D. Ultra-Specific Headlines
The point of an ultra-specific headline is to tell readers if an article is for them.
This means your headline must target specific groups within your readership – not your audience in general.
For example, is the article best suited for those new to your industry or veterans? With this level of segmentation, it’s easier to focus on common pain points.
Many ultra-specific headlines come in the form of:
- How-To Articles
- Guides (cough, cough)
The Ultimate Ultra-Specific Headline Example:
The For Dummies series has a clear audience.
Topic experts know to stay away from the books, but many newbies recognize them as sources of basic – yet valuable – information.
Understand the New 5th U – User Intent
Writing a headline to match user intent – the dominant reason why people research a given phrase – is a search engine optimization (SEO) tactic that goes beyond keyword targeting.
Despite Google regularly changing its algorithm, the search engine’s goal has always been to improve user experience by ranking content based on:
- High click-through rates
- Low bounce rates
- Long on-site times
Appealing to user search intent is a method of meeting these SEO requirements.
How to Identify User Intent
A. Recognize Search Categories
User intent can be broken down into three categories, according to SEO thought-leader Nate Dame. They are:
- Do something
- Know something
- Go somewhere
Unless you work in travel or transportation, your website content will generally target the first two categories. Users may want to contact you (do something) or learn more about industry topics (know something).
Make sure your headlines meet these desires. For example:
- Do Something: Complete the Form to Outrank Your Competitors – Book a Meeting with SERPMasters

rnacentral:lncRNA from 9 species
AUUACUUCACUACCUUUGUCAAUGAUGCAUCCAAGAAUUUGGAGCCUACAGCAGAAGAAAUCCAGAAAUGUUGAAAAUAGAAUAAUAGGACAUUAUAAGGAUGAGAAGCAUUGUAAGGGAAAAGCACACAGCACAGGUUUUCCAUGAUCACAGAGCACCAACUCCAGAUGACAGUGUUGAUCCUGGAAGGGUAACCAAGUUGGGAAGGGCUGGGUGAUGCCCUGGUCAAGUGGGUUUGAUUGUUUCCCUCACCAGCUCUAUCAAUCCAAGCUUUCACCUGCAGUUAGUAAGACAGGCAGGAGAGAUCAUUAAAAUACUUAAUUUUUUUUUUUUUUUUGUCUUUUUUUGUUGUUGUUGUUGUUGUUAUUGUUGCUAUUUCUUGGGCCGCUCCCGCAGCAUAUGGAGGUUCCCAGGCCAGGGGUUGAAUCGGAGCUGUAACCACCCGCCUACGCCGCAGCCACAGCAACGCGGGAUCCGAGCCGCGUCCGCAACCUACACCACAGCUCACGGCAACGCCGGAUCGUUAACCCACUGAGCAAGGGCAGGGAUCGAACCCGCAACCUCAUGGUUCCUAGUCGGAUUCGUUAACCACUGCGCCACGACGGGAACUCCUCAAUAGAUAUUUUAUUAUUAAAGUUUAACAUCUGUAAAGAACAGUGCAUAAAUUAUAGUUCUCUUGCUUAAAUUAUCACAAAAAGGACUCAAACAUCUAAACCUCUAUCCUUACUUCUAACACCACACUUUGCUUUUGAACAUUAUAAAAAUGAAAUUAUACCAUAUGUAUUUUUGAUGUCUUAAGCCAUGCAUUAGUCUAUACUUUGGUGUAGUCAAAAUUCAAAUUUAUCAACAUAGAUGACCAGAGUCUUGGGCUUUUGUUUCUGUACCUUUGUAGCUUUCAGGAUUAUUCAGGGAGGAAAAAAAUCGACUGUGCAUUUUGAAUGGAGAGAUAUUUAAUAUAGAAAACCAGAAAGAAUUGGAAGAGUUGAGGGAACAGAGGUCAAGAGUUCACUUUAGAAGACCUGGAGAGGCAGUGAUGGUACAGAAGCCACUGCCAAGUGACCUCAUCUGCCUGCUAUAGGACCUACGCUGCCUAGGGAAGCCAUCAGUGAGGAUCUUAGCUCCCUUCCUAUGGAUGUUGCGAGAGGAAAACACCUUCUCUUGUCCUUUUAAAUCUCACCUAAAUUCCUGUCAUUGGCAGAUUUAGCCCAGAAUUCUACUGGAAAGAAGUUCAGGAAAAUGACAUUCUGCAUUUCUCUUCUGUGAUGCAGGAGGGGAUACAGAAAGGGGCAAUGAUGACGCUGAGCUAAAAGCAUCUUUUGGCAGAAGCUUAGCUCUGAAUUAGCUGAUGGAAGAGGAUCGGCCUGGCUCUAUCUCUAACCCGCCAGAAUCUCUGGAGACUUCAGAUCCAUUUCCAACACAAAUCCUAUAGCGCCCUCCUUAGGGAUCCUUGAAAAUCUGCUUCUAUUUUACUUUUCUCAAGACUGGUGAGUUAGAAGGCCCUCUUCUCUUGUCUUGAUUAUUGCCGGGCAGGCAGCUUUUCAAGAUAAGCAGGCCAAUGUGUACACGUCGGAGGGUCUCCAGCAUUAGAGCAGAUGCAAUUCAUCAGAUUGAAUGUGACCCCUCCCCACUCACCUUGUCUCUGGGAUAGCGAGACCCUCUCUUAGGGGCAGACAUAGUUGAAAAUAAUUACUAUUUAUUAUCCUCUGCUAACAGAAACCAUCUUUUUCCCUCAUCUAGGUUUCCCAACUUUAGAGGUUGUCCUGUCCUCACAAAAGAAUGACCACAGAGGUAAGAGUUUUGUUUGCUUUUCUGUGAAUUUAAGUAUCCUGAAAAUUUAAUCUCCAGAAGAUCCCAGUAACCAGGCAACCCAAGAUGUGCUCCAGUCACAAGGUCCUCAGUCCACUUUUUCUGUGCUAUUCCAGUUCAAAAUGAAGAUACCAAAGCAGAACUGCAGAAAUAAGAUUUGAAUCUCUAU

- Know Something: The Top 25 Social Media Analytics Tools
B. Study SERPs
Run searches for a topic you want to write about – using keyphrase variations – before you plan a webpage, blog post or other piece of content.
The top results will indicate what your audience wants to read about.
Here’s a look at the first results page for “hashtag marketing for engagement”:
The top four results are each list-based blog posts giving readers actionable tips to increase engagement through different hashtag strategies. To rank for this keyphrase, you would have to write a similar post that’s more detailed and gives a higher number of tips.
Your headline would have to reflect this. For example:
- The Only Hashtag Guide You Need: 20 Ways to Bolster Engagement Metrics
- 20 Hashtag Tactics to Boost Social Engagement [+ Examples and Free Tools!]
Make it Negative, Says the Research
Headlines with negative superlatives earn 59% more clicks than positive titles, according to research on 65,000 paid link titles from Outbrain – a content marketing platform.
Readers may avoid titles with positive superlatives because:
- They’re overused (and therefore don’t follow the unique rule)
- There could be questionable motives behind the content, such as endorsement
Readers might click on negative titles because they seem impartial and authentic, Outbrain’s researchers speculate. Negative superlatives may also be seen as unexpected and intriguing.
Beware Betteridge’s Law of Headlines
Avoid writing headlines in the form of questions. It may discourage audience members from clicking and reading.
That’s because many people are familiar with Betteridge’s Law. Named after a British technology journalist, it states “Any headline that ends in a question mark can be answered by by the word no.”
If someone knows the answer to the question your article poses, will they bother to click?
Betteridge’s Law of Headlines may seem like a funny adage, but it’s right at a surprising rate. You can see for yourself – there’s a website that tracks applicable headlines.
Spend Time on It … Then Spend More Time, Said an Advertising Pioneer
You need to take your time when writing, and deciding on, a headline.
There should be drafts, and drafts of drafts. Mashing of the delete key. Sighs of relief when you get to press enter.
Legendary advertising executive David Ogilvy was possibly the biggest proponent of investing time in your headline. His logic was more people read headlines than the content itself.